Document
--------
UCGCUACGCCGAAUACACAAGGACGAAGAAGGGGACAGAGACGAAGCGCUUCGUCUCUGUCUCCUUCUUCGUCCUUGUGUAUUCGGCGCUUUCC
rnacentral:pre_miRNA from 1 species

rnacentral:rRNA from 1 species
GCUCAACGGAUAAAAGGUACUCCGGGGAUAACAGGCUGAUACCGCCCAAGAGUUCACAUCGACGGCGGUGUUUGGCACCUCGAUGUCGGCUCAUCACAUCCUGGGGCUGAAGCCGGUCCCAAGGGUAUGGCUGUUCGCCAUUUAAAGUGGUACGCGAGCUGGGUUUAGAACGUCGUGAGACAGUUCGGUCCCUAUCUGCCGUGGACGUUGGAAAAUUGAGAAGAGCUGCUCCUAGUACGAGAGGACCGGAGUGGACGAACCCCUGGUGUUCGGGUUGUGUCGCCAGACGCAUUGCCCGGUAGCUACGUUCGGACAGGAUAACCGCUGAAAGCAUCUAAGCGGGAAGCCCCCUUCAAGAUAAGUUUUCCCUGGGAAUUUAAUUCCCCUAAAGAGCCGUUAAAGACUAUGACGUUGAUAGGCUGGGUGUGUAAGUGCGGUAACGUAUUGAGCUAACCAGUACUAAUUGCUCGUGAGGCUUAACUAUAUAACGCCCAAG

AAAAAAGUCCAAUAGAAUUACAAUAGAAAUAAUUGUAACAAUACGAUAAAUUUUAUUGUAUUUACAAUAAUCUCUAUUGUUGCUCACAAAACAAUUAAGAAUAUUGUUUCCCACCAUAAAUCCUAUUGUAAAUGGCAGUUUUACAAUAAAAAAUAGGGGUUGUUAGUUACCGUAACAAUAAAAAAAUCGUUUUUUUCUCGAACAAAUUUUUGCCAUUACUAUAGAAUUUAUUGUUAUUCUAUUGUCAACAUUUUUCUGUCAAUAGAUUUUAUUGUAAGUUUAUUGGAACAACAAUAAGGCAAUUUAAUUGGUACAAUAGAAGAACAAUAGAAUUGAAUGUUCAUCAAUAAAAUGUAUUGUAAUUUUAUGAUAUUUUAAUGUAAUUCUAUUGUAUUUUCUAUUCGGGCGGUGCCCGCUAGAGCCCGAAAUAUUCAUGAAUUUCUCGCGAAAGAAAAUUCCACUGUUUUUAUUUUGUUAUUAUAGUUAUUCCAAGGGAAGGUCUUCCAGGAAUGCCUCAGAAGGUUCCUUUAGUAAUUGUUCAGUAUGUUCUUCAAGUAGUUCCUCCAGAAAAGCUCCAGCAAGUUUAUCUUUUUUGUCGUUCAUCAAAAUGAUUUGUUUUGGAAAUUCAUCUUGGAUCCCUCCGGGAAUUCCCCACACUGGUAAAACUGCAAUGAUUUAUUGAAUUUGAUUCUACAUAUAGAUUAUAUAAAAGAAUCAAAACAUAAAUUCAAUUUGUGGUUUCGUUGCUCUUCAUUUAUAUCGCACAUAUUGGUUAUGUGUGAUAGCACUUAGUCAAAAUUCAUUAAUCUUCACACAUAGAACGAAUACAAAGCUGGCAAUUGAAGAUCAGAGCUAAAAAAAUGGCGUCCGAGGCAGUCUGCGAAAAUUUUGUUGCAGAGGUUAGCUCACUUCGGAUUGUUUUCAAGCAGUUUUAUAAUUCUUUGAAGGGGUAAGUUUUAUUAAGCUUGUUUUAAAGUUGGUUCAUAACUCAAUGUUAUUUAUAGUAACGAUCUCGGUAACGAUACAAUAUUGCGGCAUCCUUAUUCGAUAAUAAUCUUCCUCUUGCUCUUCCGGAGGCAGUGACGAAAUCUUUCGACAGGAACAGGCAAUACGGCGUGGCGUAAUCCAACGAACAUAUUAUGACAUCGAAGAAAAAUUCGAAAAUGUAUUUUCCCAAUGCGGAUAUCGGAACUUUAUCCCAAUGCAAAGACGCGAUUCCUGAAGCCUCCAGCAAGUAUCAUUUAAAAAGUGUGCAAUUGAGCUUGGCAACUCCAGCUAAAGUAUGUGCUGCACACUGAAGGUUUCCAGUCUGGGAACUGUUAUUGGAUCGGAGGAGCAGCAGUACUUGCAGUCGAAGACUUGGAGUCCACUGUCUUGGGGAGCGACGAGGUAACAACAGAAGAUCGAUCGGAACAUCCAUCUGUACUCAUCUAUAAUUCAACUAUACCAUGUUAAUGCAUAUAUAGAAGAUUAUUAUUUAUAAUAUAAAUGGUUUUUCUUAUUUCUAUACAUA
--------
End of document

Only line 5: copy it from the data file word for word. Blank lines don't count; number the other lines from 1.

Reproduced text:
AAAAAAGUCCAAUAGAAUUACAAUAGAAAUAAUUGUAACAAUACGAUAAAUUUUAUUGUAUUUACAAUAAUCUCUAUUGUUGCUCACAAAACAAUUAAGAAUAUUGUUUCCCACCAUAAAUCCUAUUGUAAAUGGCAGUUUUACAAUAAAAAAUAGGGGUUGUUAGUUACCGUAACAAUAAAAAAAUCGUUUUUUUCUCGAACAAAUUUUUGCCAUUACUAUAGAAUUUAUUGUUAUUCUAUUGUCAACAUUUUUCUGUCAAUAGAUUUUAUUGUAAGUUUAUUGGAACAACAAUAAGGCAAUUUAAUUGGUACAAUAGAAGAACAAUAGAAUUGAAUGUUCAUCAAUAAAAUGUAUUGUAAUUUUAUGAUAUUUUAAUGUAAUUCUAUUGUAUUUUCUAUUCGGGCGGUGCCCGCUAGAGCCCGAAAUAUUCAUGAAUUUCUCGCGAAAGAAAAUUCCACUGUUUUUAUUUUGUUAUUAUAGUUAUUCCAAGGGAAGGUCUUCCAGGAAUGCCUCAGAAGGUUCCUUUAGUAAUUGUUCAGUAUGUUCUUCAAGUAGUUCCUCCAGAAAAGCUCCAGCAAGUUUAUCUUUUUUGUCGUUCAUCAAAAUGAUUUGUUUUGGAAAUUCAUCUUGGAUCCCUCCGGGAAUUCCCCACACUGGUAAAACUGCAAUGAUUUAUUGAAUUUGAUUCUACAUAUAGAUUAUAUAAAAGAAUCAAAACAUAAAUUCAAUUUGUGGUUUCGUUGCUCUUCAUUUAUAUCGCACAUAUUGGUUAUGUGUGAUAGCACUUAGUCAAAAUUCAUUAAUCUUCACACAUAGAACGAAUACAAAGCUGGCAAUUGAAGAUCAGAGCUAAAAAAAUGGCGUCCGAGGCAGUCUGCGAAAAUUUUGUUGCAGAGGUUAGCUCACUUCGGAUUGUUUUCAAGCAGUUUUAUAAUUCUUUGAAGGGGUAAGUUUUAUUAAGCUUGUUUUAAAGUUGGUUCAUAACUCAAUGUUAUUUAUAGUAACGAUCUCGGUAACGAUACAAUAUUGCGGCAUCCUUAUUCGAUAAUAAUCUUCCUCUUGCUCUUCCGGAGGCAGUGACGAAAUCUUUCGACAGGAACAGGCAAUACGGCGUGGCGUAAUCCAACGAACAUAUUAUGACAUCGAAGAAAAAUUCGAAAAUGUAUUUUCCCAAUGCGGAUAUCGGAACUUUAUCCCAAUGCAAAGACGCGAUUCCUGAAGCCUCCAGCAAGUAUCAUUUAAAAAGUGUGCAAUUGAGCUUGGCAACUCCAGCUAAAGUAUGUGCUGCACACUGAAGGUUUCCAGUCUGGGAACUGUUAUUGGAUCGGAGGAGCAGCAGUACUUGCAGUCGAAGACUUGGAGUCCACUGUCUUGGGGAGCGACGAGGUAACAACAGAAGAUCGAUCGGAACAUCCAUCUGUACUCAUCUAUAAUUCAACUAUACCAUGUUAAUGCAUAUAUAGAAGAUUAUUAUUUAUAAUAUAAAUGGUUUUUCUUAUUUCUAUACAUA